Herbicides: A threat to bee and pollinator survival

Many assumed that with the banning of neonicotinoids in the EU and UK, bees and pollinators would now be safe from harms caused by pesticides. However, this view ignores the impacts that ongoing, widespread use of other pesticides continues to have on bees and other pollinator species. In fact, numerous studies have shown that other classes of pesticides, and in particular herbicides, can harm pollinators both directly and indirectly.

Pollinators are also often exposed to more than one active substance at a time, and interactions between different pesticides can cause more harm than exposure to individual chemicals – a phenomenon known as the ‘cocktail effect’. In addition, habitats and food sources can be poisoned or destroyed by the use of herbicides which remove the natural resources pollinators rely upon, ultimately threatening their existence.

It’s vital that decision-makers broaden their current narrow focus on a small group of insecticides and take action to protect pollinators from the harmful effects of all pesticides and, in particular, pay more attention to the impact of herbicides.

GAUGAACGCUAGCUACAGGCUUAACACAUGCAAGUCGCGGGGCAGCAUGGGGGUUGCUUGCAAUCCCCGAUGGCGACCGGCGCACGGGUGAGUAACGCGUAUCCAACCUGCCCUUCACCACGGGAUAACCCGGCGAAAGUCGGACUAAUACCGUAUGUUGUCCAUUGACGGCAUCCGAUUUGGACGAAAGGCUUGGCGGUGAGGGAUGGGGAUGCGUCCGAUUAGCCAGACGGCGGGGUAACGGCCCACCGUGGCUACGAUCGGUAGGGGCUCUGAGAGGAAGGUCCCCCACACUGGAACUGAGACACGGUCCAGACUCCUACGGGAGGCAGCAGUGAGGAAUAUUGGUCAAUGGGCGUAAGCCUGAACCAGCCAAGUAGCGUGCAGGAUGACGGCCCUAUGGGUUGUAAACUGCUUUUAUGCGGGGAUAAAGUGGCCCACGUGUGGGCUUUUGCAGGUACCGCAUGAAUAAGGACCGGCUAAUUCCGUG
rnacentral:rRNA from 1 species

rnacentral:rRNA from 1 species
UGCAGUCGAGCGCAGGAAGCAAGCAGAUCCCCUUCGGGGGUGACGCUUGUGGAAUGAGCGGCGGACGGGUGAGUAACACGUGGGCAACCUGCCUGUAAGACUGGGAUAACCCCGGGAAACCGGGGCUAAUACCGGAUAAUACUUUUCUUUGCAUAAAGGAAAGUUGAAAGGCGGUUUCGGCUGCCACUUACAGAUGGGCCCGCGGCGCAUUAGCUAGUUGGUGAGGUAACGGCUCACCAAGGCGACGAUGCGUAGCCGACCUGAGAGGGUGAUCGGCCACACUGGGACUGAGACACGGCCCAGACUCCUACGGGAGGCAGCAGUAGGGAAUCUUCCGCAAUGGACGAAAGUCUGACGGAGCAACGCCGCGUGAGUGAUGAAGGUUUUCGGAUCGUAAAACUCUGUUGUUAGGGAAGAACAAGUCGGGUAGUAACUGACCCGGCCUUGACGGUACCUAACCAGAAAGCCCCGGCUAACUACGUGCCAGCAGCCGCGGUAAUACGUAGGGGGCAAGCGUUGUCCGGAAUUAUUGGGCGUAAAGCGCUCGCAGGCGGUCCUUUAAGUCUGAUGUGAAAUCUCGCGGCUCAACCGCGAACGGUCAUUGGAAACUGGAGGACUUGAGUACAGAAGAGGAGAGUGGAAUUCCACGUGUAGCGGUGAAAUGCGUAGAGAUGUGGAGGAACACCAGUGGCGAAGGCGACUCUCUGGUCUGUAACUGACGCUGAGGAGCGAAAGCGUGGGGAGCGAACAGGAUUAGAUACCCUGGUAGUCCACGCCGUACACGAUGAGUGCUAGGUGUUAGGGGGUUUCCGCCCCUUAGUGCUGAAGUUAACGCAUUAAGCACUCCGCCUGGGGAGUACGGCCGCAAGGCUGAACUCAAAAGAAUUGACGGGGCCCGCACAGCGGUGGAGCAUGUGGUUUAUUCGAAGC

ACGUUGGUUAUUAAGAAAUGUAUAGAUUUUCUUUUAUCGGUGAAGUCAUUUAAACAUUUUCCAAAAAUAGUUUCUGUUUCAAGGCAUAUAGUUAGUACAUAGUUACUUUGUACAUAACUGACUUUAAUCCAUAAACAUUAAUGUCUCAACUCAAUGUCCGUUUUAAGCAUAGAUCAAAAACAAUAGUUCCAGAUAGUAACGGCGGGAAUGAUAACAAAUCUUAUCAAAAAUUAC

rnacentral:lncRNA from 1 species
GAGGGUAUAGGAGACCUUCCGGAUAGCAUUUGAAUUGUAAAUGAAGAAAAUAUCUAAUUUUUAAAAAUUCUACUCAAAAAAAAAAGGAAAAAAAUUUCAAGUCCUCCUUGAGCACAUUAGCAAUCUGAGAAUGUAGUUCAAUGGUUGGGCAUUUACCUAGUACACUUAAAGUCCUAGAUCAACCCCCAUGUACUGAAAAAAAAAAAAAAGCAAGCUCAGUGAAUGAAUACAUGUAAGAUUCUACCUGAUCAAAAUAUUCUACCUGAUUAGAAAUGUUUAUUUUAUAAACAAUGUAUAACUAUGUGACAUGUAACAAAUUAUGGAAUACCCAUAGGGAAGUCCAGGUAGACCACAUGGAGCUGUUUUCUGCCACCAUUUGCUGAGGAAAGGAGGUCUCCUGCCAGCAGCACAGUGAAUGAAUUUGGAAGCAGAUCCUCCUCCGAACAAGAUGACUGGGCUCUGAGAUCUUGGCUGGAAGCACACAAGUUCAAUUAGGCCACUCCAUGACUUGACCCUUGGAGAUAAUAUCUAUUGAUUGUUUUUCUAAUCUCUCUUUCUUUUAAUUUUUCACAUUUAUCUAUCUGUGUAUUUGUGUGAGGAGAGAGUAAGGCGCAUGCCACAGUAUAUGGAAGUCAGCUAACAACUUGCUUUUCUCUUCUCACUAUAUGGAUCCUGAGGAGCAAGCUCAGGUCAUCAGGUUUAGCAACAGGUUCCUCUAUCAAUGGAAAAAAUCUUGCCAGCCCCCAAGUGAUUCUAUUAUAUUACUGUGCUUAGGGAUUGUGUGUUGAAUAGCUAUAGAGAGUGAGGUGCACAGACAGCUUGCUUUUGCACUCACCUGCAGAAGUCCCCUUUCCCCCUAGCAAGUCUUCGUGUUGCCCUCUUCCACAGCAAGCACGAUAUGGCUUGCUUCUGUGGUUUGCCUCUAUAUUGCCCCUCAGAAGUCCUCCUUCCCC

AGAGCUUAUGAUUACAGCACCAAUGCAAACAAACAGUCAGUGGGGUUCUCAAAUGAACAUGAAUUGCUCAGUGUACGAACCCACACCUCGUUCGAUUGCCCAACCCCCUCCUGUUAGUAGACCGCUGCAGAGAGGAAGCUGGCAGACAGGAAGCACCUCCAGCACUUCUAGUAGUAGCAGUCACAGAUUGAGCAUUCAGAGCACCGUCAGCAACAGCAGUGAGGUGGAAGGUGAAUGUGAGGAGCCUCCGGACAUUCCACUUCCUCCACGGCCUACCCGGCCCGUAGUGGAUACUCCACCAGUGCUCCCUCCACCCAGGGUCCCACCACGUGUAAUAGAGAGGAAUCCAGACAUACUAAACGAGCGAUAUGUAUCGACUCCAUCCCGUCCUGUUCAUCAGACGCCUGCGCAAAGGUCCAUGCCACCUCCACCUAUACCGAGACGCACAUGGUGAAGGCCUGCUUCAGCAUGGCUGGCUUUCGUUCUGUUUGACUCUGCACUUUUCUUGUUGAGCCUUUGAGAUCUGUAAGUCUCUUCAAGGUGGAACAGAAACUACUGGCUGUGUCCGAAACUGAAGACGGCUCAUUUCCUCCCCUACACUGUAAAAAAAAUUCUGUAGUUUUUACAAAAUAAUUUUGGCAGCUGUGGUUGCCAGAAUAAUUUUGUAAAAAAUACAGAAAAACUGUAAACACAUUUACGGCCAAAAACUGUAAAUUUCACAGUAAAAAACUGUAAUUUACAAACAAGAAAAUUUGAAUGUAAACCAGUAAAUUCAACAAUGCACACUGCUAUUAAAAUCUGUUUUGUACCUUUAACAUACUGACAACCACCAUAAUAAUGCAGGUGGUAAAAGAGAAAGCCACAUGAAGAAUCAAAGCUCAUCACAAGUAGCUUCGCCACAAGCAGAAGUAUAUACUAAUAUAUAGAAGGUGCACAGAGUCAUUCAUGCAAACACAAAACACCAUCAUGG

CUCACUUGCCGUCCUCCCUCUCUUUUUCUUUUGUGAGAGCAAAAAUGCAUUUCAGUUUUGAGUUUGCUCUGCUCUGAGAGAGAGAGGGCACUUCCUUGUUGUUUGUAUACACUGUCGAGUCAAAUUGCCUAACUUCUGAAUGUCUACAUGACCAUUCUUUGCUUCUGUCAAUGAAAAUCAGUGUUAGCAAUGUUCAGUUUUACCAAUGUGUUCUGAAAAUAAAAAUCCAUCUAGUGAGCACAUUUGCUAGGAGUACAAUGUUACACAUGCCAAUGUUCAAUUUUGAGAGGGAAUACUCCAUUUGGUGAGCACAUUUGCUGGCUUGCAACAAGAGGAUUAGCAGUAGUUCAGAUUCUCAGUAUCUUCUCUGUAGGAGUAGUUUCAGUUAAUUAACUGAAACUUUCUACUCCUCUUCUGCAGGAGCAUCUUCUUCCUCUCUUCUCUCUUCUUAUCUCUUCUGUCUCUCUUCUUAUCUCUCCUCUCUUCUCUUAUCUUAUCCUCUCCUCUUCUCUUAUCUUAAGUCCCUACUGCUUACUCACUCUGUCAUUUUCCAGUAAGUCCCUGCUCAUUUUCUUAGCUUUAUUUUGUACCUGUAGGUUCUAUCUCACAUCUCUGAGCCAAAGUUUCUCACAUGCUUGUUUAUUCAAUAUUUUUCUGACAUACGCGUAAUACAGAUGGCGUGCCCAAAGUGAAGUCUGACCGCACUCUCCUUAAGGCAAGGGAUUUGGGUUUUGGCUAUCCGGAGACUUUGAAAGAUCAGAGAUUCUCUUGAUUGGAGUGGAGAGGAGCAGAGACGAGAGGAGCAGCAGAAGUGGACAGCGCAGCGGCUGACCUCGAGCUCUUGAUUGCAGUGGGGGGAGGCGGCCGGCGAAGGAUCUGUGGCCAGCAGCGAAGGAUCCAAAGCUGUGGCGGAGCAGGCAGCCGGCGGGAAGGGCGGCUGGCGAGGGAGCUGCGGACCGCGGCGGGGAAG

This PAN UK policy briefing explores the various types of herbicides used in both agricultural and urban landscapes, the increase in their use, and the direct and indirect impacts of these pesticides on our bees and pollinators. It also presents PAN UK’s recommendations to a range of stakeholders including the UK Government and supermarkets on how to better protect our pollinators from further pesticide-related harms.

Keep up to date with ORC updates and fundraising appeals

Be the first to hear about the latest organic and agroecological research and get tips to improve your success with organic farming and land management with the ORC e-bulletin. Delivered to your inbox monthly.

Newsletter signup

By submitting this form, you’re agreeing for us to contact you by email about our research, knowledge exchange, policy support and fundraising. Your details will only be used by the Organic Research Centre in adherence with our Privacy Policy.

You’re free to change your mind at any time by clicking the unsubscribe link in the footer of any email you receive from us, or by contacting our friendly Supporters Team at supporters@organicresearchcentre.com